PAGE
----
Giant Schnauzer – Dog Breed of The Week
The Giant Schnauzer was created to be a working dog breed, so he has intelligence and drive The Giant Schnauzer is the largest of the three Schnauzer breeds. He has a commanding appearance and rugged build. But his stoic demeanor is belied by the twinkle...
Bullmastiff – Dog Breed of The Week
While standoffish toward strangers he’s got a soft spot for his loved ones In 1901, a Mr. Burton of Thorneywood Kennels challenged a group of spectators at a dog show to take on the task of escaping a muzzled dog he had brought with him, the prize being...
Cocker Spaniel – Dog Breed of The Week
Beautiful to look at (and labor-intensive to groom), the Cocker’s amenable, cheerful disposition also makes him a treat to have in the family The smallest member of the American Kennel Club Sporting Group, the Cocker Spaniel is the darling of many U.S. pet...
Chihuahua – Dog Breed of The Week
Fully capable of competing in dog sports such as agility and obedience, and is among the top 10 watchdogs The Chihuahua is a saucy little hot tamale and not just because of his association with a certain fast-food Mexican restaurant. He's renowned for...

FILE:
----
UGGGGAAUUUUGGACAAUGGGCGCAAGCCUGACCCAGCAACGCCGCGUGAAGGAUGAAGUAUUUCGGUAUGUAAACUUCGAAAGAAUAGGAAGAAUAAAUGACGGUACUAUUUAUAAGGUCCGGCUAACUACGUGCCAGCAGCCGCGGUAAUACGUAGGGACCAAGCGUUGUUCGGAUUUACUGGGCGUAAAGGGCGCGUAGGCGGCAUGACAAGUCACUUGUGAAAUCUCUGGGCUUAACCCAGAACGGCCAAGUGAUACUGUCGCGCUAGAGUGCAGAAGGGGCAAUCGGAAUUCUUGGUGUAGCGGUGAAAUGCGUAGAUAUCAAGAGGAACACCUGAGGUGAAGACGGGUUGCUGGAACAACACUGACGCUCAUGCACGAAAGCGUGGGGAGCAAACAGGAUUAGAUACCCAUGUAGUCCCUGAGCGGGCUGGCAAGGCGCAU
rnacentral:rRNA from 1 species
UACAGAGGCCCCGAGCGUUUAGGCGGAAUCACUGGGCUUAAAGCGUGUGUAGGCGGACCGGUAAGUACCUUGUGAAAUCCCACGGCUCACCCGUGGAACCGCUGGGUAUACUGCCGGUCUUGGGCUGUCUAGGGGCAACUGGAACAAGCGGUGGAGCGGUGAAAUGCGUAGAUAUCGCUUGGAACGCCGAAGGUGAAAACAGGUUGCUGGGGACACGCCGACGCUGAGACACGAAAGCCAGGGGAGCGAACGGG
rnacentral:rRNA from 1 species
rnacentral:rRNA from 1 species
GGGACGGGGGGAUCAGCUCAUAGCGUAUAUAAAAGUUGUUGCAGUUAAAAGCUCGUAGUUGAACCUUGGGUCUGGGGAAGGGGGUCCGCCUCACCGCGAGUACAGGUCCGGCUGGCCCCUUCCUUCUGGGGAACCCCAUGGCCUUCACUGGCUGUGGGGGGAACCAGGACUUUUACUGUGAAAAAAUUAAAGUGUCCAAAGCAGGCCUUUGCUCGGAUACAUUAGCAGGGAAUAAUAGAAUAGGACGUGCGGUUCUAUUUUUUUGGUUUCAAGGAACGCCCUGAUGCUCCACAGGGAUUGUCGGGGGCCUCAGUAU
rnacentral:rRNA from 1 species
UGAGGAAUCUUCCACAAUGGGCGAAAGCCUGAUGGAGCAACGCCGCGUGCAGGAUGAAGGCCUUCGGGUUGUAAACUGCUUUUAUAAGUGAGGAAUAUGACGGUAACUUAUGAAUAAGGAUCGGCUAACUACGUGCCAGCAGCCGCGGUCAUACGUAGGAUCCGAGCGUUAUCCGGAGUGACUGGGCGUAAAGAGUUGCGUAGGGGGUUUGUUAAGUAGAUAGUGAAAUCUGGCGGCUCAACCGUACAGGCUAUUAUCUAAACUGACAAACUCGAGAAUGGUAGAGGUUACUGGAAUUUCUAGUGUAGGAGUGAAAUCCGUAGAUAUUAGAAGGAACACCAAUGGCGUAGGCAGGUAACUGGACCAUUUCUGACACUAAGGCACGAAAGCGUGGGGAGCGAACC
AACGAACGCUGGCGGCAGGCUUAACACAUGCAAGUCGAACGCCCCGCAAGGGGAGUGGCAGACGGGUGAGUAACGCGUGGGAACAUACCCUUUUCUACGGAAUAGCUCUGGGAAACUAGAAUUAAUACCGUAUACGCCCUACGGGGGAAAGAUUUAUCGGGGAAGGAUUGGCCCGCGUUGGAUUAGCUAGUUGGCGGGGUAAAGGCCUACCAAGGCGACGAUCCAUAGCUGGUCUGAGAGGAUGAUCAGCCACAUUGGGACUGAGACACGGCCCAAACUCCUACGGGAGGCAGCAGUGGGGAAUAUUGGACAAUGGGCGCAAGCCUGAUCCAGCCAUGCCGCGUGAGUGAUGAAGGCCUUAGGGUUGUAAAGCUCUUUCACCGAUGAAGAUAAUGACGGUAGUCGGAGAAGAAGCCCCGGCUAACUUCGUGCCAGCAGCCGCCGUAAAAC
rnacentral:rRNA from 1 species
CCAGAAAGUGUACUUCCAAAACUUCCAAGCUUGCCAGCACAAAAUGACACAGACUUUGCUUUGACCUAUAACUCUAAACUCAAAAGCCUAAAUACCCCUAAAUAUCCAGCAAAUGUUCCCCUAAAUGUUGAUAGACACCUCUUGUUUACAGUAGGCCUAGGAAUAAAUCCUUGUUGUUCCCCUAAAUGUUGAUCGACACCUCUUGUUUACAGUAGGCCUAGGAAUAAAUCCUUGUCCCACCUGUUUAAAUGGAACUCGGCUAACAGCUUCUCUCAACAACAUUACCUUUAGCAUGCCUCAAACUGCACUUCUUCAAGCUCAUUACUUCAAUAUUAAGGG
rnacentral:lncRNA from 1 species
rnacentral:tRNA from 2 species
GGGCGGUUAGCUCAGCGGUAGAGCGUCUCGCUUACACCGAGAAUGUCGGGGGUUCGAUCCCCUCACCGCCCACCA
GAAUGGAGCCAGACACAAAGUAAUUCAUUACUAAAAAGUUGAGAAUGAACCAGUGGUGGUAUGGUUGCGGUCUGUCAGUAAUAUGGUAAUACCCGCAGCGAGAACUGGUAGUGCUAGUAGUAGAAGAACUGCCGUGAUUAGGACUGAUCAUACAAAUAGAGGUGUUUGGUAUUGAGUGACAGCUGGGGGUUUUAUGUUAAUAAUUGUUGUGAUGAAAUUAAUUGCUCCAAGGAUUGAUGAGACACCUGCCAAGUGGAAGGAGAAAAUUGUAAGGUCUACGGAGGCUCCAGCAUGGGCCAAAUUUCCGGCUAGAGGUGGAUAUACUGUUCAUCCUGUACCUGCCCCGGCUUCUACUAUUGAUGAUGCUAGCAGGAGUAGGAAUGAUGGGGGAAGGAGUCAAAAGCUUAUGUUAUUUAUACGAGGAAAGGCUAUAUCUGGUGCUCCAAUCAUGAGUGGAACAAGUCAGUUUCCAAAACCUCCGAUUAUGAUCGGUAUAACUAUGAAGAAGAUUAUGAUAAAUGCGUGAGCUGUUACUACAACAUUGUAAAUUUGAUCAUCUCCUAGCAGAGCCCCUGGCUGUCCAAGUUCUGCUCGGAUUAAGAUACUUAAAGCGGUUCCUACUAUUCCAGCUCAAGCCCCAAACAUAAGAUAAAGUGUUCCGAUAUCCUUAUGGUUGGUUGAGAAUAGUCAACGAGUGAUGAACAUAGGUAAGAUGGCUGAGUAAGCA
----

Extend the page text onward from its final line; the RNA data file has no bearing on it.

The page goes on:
Bull Terrier – Dog Breed of The Week
The Bull Terrier was originally developed as a fighting dog, these days he’s a family companion and show dog If you remember the late 1980s, you probably recall the Budweiser commercials featuring a Bull Terrier named Spuds Mackenzie, whose sly grin and...
Border Collie – Dog Breed of The Week
He’s a dog with unlimited energy, stamina, and working drive, all of which make him a premier herding dog If you've ever had the pleasure of watching a Border Collie herd sheep, you know you're watching a master craftsman at work, with his intense stare as...
Boston Terrier Dog – Dog Breed of The Week
today, they’re gentle, affectionate companions with tuxedo-like markings that earned them the nickname “American Gentleman.” The Boston Terrier may have been bred to be a ferocious pit-fighter, but you'd never know it today. The little American Gentleman,...
American Eskimo Dog – Dog Breed of The Week
Eskies are lively, active companion dogs who love to entertain and join in on all family activities Perhaps it's his white fluffy coat. Or jaunty personality. Or intelligence. Whatever "it" is, the American Eskimo Dog's got it in spades, and he uses it to...
Alaskan Malamute – Dog Breed of The Month
The Alaskan Malamute features a powerful, sturdy body built for stamina and strength When you first see an Alaskan Malamute, it's easy to be impressed by his large stature, wolf-like facial markings, and huge plumed tail waving at you. It's often believed...
Beagle – Dog of the Month
Small, compact, and hardy, Beagles are active companions for kids and adults alike Small, compact, and hardy, Beagles are active companions for kids and adults alike. Canines in this dog breed are merry and fun loving, but being hounds, they can also be...